Bridging the gap between humAn and animal suRveillance data, antibiotic poliCy, and stewardsHip (ARCH)
Surveillance is essential to all aspects of the clinical management of antimicrobial resistance. It provides the necessary information to develop and monitor therapy guidelines, antibiotic formularies, antibiotic stewardship programmes, public health interventions, infection control policies, and antimicrobial and vaccine development. However, the value of surveillance as a critical component of antimicrobial stewardship is not fully established and the majority of the guidance documents focus either on laboratory surveillance or antibiotic guidelines. The ARCH Network uniquely brings together multisector specialists and networks in the field of animal and human surveillance to bridge the gap between surveillance data and antibiotic stewardship in both compartments.
Major goals of the ARCH Net are to:
- Provide new tools to strengthen cooperation between surveillance and stewardship teams
- Facilitate the antibiotic stewardship teams enabling appropriate assessment of the AMU and AMR rates according to case-mix of patients and settings to develop antibiotic policy recommendations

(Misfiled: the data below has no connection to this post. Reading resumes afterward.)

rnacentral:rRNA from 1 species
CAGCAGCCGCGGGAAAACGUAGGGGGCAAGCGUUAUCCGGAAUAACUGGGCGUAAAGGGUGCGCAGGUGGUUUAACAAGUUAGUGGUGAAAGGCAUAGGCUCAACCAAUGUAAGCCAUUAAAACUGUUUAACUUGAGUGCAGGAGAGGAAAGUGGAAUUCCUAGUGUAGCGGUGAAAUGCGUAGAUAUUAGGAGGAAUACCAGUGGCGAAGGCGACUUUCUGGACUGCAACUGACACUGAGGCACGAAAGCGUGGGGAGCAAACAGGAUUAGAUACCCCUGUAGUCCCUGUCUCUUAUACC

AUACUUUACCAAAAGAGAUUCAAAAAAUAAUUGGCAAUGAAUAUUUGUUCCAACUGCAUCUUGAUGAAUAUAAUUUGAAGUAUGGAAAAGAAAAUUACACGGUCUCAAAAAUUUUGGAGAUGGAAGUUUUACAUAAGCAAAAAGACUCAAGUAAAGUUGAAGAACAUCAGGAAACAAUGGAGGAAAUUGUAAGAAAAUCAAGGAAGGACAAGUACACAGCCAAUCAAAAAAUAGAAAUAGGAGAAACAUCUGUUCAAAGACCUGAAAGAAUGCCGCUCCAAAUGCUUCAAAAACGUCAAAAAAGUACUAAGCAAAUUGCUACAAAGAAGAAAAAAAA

- Reduce the heterogeneity of microbiological and sensitivity data reporting in surveillance systems
- Promote and harmonize reporting in animal surveillance and stewardship and to connect it with human recommendations.
ARCH has been awarded funding by the German Federal Ministry of Education and Research within the JPIAMR 7th transnational call: “2018 Network Call on Surveillance”. The call was launched in May 2018 and supported by ten research-funding organisations from JPIAMR member countries. In this network call JPIAMR is supporting networks of leading experts that are expected to provide white papers, prospective views, guidelines and/or best practice/roadmap/systematic reviews and frameworks to identify key questions to be addressed or identify potential solutions to overcome barriers for AMR surveillance and the implementation of surveillance research studies. View ARCH project application here